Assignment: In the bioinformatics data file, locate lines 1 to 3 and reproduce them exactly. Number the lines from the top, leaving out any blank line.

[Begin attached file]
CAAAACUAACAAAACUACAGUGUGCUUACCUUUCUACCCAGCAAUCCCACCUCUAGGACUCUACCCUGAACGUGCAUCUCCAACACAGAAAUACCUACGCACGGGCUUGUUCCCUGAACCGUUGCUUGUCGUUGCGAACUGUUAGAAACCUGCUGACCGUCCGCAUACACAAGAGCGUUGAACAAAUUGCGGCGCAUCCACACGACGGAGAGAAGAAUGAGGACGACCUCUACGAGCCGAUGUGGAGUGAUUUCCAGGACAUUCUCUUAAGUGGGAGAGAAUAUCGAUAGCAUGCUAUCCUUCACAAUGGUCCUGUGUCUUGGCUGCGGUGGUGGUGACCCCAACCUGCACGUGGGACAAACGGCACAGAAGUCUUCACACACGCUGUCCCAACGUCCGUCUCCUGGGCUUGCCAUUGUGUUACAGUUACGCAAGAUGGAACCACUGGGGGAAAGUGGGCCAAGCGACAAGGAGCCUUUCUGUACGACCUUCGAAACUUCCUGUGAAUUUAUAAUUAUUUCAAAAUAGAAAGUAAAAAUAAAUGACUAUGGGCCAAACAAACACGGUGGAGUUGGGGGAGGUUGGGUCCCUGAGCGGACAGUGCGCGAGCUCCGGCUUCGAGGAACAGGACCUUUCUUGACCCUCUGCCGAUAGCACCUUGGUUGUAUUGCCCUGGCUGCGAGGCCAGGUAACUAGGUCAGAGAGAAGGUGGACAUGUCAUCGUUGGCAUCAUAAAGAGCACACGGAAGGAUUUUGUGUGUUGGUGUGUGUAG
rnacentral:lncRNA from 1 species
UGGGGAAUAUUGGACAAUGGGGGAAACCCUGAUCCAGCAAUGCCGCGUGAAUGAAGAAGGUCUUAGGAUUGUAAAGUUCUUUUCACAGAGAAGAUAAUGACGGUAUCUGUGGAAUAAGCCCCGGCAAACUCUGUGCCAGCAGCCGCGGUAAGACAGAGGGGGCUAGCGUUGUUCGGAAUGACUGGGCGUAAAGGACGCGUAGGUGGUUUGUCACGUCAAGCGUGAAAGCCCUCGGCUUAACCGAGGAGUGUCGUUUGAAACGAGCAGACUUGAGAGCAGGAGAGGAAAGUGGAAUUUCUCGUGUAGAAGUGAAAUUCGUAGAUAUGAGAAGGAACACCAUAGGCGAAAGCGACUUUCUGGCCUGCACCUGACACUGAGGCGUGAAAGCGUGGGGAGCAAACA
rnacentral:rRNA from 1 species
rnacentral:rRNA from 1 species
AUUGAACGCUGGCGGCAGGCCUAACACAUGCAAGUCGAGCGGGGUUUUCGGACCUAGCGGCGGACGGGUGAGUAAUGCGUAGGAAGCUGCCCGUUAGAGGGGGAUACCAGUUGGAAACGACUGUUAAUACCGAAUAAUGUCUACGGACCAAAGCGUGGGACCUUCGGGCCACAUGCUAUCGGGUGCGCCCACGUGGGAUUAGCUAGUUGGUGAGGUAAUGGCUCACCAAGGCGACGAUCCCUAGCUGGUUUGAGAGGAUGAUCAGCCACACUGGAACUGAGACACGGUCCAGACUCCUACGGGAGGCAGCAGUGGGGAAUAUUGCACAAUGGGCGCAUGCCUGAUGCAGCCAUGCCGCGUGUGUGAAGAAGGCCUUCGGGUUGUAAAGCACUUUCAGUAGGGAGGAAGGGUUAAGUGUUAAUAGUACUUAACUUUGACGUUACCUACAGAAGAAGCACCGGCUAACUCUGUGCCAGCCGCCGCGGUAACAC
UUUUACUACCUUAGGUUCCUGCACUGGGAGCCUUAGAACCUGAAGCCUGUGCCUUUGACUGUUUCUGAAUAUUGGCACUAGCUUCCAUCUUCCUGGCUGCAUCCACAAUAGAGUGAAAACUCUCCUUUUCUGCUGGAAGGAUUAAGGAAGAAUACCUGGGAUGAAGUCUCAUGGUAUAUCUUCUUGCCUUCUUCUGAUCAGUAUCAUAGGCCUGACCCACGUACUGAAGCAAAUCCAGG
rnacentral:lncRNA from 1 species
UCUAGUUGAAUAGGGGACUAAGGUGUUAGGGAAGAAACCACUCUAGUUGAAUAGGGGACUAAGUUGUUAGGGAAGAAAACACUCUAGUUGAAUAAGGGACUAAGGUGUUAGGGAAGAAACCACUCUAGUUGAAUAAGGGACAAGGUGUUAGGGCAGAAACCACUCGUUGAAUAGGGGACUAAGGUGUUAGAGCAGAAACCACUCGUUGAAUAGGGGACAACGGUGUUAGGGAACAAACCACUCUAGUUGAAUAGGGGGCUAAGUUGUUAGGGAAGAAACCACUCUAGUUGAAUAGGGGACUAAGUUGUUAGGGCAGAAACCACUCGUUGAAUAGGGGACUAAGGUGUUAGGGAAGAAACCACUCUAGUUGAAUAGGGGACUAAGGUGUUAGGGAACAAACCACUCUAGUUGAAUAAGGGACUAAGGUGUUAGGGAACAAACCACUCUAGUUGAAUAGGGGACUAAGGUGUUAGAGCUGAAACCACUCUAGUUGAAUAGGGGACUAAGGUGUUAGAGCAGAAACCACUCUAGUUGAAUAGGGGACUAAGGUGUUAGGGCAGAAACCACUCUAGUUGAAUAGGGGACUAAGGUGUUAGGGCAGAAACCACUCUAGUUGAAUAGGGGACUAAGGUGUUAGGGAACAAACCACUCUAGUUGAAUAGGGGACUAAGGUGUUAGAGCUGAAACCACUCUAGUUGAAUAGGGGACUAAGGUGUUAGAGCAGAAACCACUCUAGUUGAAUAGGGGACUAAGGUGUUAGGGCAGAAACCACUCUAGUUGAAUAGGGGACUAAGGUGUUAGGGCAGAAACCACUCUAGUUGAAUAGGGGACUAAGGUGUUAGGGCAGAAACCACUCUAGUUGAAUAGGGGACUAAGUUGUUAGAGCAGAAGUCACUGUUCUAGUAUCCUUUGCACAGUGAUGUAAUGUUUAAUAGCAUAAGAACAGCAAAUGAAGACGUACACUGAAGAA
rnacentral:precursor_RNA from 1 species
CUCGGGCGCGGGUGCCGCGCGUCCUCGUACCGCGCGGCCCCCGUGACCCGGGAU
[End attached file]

CAAAACUAACAAAACUACAGUGUGCUUACCUUUCUACCCAGCAAUCCCACCUCUAGGACUCUACCCUGAACGUGCAUCUCCAACACAGAAAUACCUACGCACGGGCUUGUUCCCUGAACCGUUGCUUGUCGUUGCGAACUGUUAGAAACCUGCUGACCGUCCGCAUACACAAGAGCGUUGAACAAAUUGCGGCGCAUCCACACGACGGAGAGAAGAAUGAGGACGACCUCUACGAGCCGAUGUGGAGUGAUUUCCAGGACAUUCUCUUAAGUGGGAGAGAAUAUCGAUAGCAUGCUAUCCUUCACAAUGGUCCUGUGUCUUGGCUGCGGUGGUGGUGACCCCAACCUGCACGUGGGACAAACGGCACAGAAGUCUUCACACACGCUGUCCCAACGUCCGUCUCCUGGGCUUGCCAUUGUGUUACAGUUACGCAAGAUGGAACCACUGGGGGAAAGUGGGCCAAGCGACAAGGAGCCUUUCUGUACGACCUUCGAAACUUCCUGUGAAUUUAUAAUUAUUUCAAAAUAGAAAGUAAAAAUAAAUGACUAUGGGCCAAACAAACACGGUGGAGUUGGGGGAGGUUGGGUCCCUGAGCGGACAGUGCGCGAGCUCCGGCUUCGAGGAACAGGACCUUUCUUGACCCUCUGCCGAUAGCACCUUGGUUGUAUUGCCCUGGCUGCGAGGCCAGGUAACUAGGUCAGAGAGAAGGUGGACAUGUCAUCGUUGGCAUCAUAAAGAGCACACGGAAGGAUUUUGUGUGUUGGUGUGUGUAG
rnacentral:lncRNA from 1 species
UGGGGAAUAUUGGACAAUGGGGGAAACCCUGAUCCAGCAAUGCCGCGUGAAUGAAGAAGGUCUUAGGAUUGUAAAGUUCUUUUCACAGAGAAGAUAAUGACGGUAUCUGUGGAAUAAGCCCCGGCAAACUCUGUGCCAGCAGCCGCGGUAAGACAGAGGGGGCUAGCGUUGUUCGGAAUGACUGGGCGUAAAGGACGCGUAGGUGGUUUGUCACGUCAAGCGUGAAAGCCCUCGGCUUAACCGAGGAGUGUCGUUUGAAACGAGCAGACUUGAGAGCAGGAGAGGAAAGUGGAAUUUCUCGUGUAGAAGUGAAAUUCGUAGAUAUGAGAAGGAACACCAUAGGCGAAAGCGACUUUCUGGCCUGCACCUGACACUGAGGCGUGAAAGCGUGGGGAGCAAACA